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'[…] this mysterious 3.14159…, which comes in at every door and window, and down every chimney.' English mathematician Augustus de Morgan (1806-1871).

International Pi Day is a holiday commemorating the constant π (3.141592…), and celebrated on 14 March (or 3/14 in month/day format), since these three digits are the first three of this mathematical constant. Another interesting fact is that Albert Einstein, the physicist who developed the theory of relativity and winner of the Nobel Prize in Physics in 1922, was born on this very same day in 1879, or 133 years ago.

The π symbol is actually a letter from the Greek alphabet which stands for ‘perimeter’ or ‘periphery’. Indeed, π is a constant which describes the relation between a given circumference and its associated diameter, and is also an infinite number—supercomputers are still calculating its billions of decimal digits.

Archimedes of Syracuse (287 BC - 212 BC) was the first to calculate an approximate value for π. Among his advances in mathematics is his development of fundamental concepts in geometry such as the area, volume and surface area of a body. The Science Museum’s ‘Profiles of Science’ exhibit features one of his most famous quotes: ‘Give me a place to stand on, and I will move the Earth’.

Stories of π

There are many interesting facts surrounding the constant π; for instance, the celebrated physicist Richard Feynman saw, that among the infinite digits in its decimal representation there was a sequence of six 9s occurring at the 762nd decimal place, which was named the ‘Feynman Point’ after the physicist himself. This is an intriguing anomaly because for a number such as π, whose decimals are random, the probability of any chosen number sequence of six digits occurring is very low, only 0.08%. Another curious fact is that the epitaph engraved on the tombstone of mathematician Ludolph van Ceulen contains pi to 35 decimal places—a calculation that had taken him a lifetime to complete.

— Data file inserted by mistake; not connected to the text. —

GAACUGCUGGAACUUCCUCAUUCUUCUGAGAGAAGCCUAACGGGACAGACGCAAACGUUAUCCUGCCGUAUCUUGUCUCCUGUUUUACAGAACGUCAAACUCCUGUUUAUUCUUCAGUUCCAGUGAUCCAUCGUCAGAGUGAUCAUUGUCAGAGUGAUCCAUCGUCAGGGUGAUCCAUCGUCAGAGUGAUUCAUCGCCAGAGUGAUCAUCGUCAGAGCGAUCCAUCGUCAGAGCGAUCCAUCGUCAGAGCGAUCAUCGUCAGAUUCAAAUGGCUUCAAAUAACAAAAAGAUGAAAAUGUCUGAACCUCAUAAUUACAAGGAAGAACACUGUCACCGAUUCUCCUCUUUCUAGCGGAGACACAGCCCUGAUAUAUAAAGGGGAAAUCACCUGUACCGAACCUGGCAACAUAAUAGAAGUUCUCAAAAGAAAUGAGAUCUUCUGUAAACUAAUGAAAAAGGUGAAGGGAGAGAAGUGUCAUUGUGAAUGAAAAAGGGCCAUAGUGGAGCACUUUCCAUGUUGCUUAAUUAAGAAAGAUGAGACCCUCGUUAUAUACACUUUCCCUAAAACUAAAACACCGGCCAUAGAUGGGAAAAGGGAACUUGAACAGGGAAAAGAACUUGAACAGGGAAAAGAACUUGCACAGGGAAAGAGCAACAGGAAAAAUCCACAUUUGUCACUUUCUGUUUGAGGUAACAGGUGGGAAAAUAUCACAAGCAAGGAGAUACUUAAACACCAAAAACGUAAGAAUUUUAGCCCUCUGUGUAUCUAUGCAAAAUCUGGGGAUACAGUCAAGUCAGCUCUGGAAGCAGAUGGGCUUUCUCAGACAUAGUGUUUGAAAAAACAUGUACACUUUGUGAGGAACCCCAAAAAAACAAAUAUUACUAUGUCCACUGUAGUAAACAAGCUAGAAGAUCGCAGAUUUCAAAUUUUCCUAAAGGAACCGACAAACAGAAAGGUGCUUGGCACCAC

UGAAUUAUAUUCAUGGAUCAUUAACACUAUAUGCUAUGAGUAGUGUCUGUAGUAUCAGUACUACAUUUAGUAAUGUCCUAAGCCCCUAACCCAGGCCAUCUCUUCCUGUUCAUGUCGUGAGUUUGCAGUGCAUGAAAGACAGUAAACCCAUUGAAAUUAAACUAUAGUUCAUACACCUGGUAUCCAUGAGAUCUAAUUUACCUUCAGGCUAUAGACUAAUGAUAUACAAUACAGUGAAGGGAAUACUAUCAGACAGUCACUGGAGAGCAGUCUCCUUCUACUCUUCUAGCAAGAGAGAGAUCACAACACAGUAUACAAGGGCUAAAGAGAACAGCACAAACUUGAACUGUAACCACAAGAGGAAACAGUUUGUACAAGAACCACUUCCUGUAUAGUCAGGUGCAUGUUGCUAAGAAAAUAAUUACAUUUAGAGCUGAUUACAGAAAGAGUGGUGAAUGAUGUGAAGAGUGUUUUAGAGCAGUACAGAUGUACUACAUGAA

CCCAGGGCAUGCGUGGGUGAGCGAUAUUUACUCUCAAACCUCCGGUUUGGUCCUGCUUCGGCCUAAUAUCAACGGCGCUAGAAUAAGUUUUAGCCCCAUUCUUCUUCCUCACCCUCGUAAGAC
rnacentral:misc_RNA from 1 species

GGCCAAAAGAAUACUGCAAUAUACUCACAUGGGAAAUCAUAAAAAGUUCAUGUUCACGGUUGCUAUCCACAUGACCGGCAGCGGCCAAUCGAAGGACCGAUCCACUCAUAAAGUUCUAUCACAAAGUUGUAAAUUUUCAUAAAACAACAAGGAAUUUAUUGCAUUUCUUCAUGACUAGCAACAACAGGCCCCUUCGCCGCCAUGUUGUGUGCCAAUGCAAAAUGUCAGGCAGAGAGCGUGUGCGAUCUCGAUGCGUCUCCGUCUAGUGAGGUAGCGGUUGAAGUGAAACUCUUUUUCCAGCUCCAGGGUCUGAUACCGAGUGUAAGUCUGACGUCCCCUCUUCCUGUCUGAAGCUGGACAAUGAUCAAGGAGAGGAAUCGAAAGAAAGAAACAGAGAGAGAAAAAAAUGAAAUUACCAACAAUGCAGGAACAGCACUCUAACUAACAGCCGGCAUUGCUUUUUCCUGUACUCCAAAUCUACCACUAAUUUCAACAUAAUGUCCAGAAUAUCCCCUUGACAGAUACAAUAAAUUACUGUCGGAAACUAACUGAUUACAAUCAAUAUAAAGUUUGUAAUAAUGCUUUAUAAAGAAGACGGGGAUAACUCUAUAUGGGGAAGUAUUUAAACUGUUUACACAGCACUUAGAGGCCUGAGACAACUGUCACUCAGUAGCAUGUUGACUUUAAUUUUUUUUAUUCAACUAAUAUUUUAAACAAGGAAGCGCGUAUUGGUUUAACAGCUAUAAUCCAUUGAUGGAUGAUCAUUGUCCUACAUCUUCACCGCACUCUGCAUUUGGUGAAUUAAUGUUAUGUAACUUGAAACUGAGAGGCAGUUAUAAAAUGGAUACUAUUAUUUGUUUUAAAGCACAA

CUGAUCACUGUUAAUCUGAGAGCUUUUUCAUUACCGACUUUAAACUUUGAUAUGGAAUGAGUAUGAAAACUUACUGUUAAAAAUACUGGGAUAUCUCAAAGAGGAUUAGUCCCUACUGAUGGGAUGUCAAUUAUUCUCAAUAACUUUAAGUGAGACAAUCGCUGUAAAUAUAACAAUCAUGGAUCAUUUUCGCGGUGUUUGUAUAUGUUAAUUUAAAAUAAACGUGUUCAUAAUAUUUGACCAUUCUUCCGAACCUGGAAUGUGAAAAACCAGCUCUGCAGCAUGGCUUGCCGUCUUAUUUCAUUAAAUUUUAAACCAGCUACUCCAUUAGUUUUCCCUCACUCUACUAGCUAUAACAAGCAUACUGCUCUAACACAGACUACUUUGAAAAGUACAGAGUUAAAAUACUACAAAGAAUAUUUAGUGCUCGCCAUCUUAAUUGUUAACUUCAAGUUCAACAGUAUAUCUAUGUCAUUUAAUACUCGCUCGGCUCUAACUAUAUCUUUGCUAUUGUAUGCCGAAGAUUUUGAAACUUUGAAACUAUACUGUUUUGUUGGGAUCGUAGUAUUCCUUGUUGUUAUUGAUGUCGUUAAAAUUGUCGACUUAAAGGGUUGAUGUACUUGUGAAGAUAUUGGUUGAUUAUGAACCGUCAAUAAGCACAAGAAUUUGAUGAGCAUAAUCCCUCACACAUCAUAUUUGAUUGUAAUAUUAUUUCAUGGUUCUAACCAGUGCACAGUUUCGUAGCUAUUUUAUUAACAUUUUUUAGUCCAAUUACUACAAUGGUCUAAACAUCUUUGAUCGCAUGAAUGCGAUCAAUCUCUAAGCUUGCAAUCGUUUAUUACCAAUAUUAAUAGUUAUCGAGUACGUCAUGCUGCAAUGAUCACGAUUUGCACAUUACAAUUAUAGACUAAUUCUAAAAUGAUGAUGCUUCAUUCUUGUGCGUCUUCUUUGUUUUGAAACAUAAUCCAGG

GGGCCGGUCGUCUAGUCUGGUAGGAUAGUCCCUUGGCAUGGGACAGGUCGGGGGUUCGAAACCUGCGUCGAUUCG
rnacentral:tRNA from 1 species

π is a special number too for being the object of fascination for legions of fans from all over the world, unleashing a veritable 'pi-mania'. The international day dedicated to this number, created by American physicist Larry Shaw, is a day for Pi enthusiasts to enjoy foods such as a ‘Pizza Pi’ or an ‘Apple Pi’. It also inspired Darren Aronofsky’s 1988 cult film entitled 'π', and even works of art such as that produced by Arlen Stamp for the vestibule of the Downsview subway station in Toronto—a giant mosaic made up of overlapping rectangles of different widths, whose pattern is based on the decimal digits of π.

Mathematics Conference to be held on 28 June 2012

Do you love all numbers—and not just pi? If you do, the Science Museum invites you to attend a talk on 28 June given by Marcus du Sautoy, a leading scientist widely known for his work popularising mathematics and as presenter of the successful BBC series The Story of Maths. He will be giving a talk entitled: The Number Mysteries: A Mathematical Odyssey through Everyday Life’, as part of the ‘A ciencia cierta’ series of conferences.

With du Sautoy as our guide we will be taken on a veritable mathematical adventure throughout an ordinary day. Professor of mathematics at Oxford University, du Sautoy was awarded the Berwick Prize in 2001 by the London Mathematical Society for the publication of outstanding mathematical research by a mathematician under the age of forty. He is a regular contributor to The Times and The Guardian and has presented numerous television programmes on mathematics.
More information on International Pi Day

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